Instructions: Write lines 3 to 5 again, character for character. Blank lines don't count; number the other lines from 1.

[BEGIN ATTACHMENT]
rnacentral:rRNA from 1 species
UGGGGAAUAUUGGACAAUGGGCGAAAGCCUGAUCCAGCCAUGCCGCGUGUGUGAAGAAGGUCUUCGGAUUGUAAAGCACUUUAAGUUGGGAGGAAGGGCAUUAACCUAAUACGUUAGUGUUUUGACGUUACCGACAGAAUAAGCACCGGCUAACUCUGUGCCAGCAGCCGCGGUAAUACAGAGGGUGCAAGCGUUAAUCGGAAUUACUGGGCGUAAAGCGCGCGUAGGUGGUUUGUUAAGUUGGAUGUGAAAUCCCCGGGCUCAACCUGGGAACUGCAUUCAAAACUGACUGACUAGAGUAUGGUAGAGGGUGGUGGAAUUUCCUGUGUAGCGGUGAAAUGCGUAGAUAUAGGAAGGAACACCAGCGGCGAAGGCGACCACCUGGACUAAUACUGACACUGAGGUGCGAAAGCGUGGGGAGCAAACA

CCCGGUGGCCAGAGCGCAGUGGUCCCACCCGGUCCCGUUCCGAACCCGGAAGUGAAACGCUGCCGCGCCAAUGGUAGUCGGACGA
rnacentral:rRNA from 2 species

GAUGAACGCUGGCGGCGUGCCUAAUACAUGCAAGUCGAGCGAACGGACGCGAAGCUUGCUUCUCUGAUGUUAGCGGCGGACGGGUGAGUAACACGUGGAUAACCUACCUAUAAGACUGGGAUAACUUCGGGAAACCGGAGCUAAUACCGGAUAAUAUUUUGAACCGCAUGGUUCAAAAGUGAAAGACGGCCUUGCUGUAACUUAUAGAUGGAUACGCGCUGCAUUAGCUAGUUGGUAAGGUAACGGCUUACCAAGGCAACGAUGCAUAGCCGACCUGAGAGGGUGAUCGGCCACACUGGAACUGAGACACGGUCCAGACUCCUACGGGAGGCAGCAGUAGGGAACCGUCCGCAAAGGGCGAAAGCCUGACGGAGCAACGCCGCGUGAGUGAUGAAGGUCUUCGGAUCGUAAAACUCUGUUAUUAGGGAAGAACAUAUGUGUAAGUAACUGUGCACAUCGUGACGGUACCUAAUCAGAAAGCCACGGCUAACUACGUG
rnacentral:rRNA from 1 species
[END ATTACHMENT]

CCCGGUGGCCAGAGCGCAGUGGUCCCACCCGGUCCCGUUCCGAACCCGGAAGUGAAACGCUGCCGCGCCAAUGGUAGUCGGACGA
rnacentral:rRNA from 2 species

GAUGAACGCUGGCGGCGUGCCUAAUACAUGCAAGUCGAGCGAACGGACGCGAAGCUUGCUUCUCUGAUGUUAGCGGCGGACGGGUGAGUAACACGUGGAUAACCUACCUAUAAGACUGGGAUAACUUCGGGAAACCGGAGCUAAUACCGGAUAAUAUUUUGAACCGCAUGGUUCAAAAGUGAAAGACGGCCUUGCUGUAACUUAUAGAUGGAUACGCGCUGCAUUAGCUAGUUGGUAAGGUAACGGCUUACCAAGGCAACGAUGCAUAGCCGACCUGAGAGGGUGAUCGGCCACACUGGAACUGAGACACGGUCCAGACUCCUACGGGAGGCAGCAGUAGGGAACCGUCCGCAAAGGGCGAAAGCCUGACGGAGCAACGCCGCGUGAGUGAUGAAGGUCUUCGGAUCGUAAAACUCUGUUAUUAGGGAAGAACAUAUGUGUAAGUAACUGUGCACAUCGUGACGGUACCUAAUCAGAAAGCCACGGCUAACUACGUG